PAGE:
Positive Parenting Has a Dark Side
Let me explain. First with a story that doesn’t explain the unintended consequence of positive parenting. Then I’ll get to the point.
I’m not around little kids that often in the winter months. That’s when I live in West Palm Beach Florida, in a condo, next to a University, and close to the business district. I work from home and I don’t get out much. My most regular outings are when I go to synagogue. Palm Beach, doesn’t have many young families, so I was surprised when a little girl started showing up to services recently.
Time Out for Cleanliness
Bella is an adorable six-year old, with a brilliant imagination, personality plus and ten times more smarts than many of the old folk in my community. We are friends. After worship we are having a meal together. Bella drops some food on her cute little pink dress, and immediately becomes worried. She tells me that she will get in trouble when her Daddy sees, so she tries to clean off the spot with her Sprite. I reassure her, like any grandma would do, that her Daddy will understand. It’s an accident.
“No really, I’ll have to have a time-out if I get my clothes dirty, he told me that really.” After the meal, her Dad comes to get her, sees the faint outline of the spot, and (very nicely) says: “Bella, you must be more careful with your new dress, it’s difficult to get stains out of pink.”
So that’s how it goes in Bella’s family, neatness counts.
Raising a Generation of Praise Junkies
I did some volunteer work at an agency called Family Matters. It’s a leadership development organization that encourages positive parenting. They offer a course called: Principles of Leadership. There’s some good advice to be gained from POL: Be clear, direct and directive. And there’s some bad advice too: Eliminate words from your vocabulary that are negative or weak. No, “but,”“just,” or “can’t” allowed. Try it. It isn’t easy and doesn’t make much sense. But, (see I’m doing it and it DOES make sense) the advice that was really startling; was about praising children— don’t do it.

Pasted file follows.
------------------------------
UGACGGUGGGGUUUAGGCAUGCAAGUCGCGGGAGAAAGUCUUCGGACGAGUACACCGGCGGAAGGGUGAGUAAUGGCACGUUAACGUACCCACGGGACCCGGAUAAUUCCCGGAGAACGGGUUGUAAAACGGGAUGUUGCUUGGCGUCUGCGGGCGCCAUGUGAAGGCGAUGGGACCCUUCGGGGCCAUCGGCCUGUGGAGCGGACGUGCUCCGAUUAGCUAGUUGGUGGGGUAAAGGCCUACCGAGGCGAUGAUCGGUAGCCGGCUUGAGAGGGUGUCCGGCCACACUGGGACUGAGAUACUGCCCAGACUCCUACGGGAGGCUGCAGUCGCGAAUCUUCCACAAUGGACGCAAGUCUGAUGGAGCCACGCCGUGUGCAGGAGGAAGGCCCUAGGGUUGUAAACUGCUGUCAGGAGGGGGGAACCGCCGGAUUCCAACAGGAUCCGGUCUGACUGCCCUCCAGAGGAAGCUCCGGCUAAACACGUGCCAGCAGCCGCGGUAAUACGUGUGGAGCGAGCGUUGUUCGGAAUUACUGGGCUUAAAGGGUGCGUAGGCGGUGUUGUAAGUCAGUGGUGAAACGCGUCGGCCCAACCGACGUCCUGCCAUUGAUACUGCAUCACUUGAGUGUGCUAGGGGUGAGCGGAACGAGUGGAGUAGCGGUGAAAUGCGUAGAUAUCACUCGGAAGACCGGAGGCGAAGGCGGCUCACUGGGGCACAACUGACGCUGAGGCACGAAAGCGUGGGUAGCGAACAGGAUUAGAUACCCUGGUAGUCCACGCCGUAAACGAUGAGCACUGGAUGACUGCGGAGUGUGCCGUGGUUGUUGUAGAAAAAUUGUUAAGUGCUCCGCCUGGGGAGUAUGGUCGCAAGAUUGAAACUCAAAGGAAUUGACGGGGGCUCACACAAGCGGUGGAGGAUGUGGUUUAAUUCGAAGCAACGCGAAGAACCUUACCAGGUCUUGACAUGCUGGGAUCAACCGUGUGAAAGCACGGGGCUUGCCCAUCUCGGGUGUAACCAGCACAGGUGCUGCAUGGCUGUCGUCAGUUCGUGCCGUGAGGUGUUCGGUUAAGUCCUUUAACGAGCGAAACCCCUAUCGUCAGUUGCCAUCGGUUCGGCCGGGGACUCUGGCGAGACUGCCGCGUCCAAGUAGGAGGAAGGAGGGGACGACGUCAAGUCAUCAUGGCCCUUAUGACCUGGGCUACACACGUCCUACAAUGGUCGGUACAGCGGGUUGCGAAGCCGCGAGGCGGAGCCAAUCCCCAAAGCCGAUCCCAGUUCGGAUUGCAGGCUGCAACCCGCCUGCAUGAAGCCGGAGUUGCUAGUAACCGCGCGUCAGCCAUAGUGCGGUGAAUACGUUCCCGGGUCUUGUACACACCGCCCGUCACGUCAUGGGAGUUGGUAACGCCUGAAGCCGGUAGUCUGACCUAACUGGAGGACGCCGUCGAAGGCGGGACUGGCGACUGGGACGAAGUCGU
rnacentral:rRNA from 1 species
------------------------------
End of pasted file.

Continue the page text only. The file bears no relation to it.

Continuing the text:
Apparently, it’s not a new idea. Some experts fear, we’re raising a generation of praise junkies.
Stop Saying Good Job
Alfie Kohn, is one of those experts. He has written eleven books and published numerous articles. Five Reasons to Stop Saying “Good Job!” first appeared in Young Children in 2001, it’s a masterpiece of common sense. Kohn explains how we’re actually stealing our child’s pleasure, manipulating them, reducing their achievement and causing them to lose interest in their activities, with too much praise.
Insert Praise [Here]
I learn something new all the time. Hanging out with Bella, reminds me about the simple value of taking good care of what we have. It also causes me to reflect on my notions about positive parenting which can mean doling out a lot of praise. Which opens me up to re-examine praise. I offer praise to God constantly, it does me good and I’m pretty sure God’s Ok with it too.
But when it comes to little children, I’m going to take Alfie Kohn’s lead, and the expectations set by Bella’s dad. There is One who is above us all, who deserves the praise we offer, any time and without restraint.
– Susan Diamond, Prayables
Prayer for Children
We raise our faces to You.
You who has sustained
with the steadiness of Your love,
with the strength of Your wisdom.
You are the blood that unites us.
You are the pulse that revives us.
You are where we begin,
where we end,
where we are.
I look to You
with soul-bursting gratitude
for the blessing of family
and the gift of Your Presence
within and around us.
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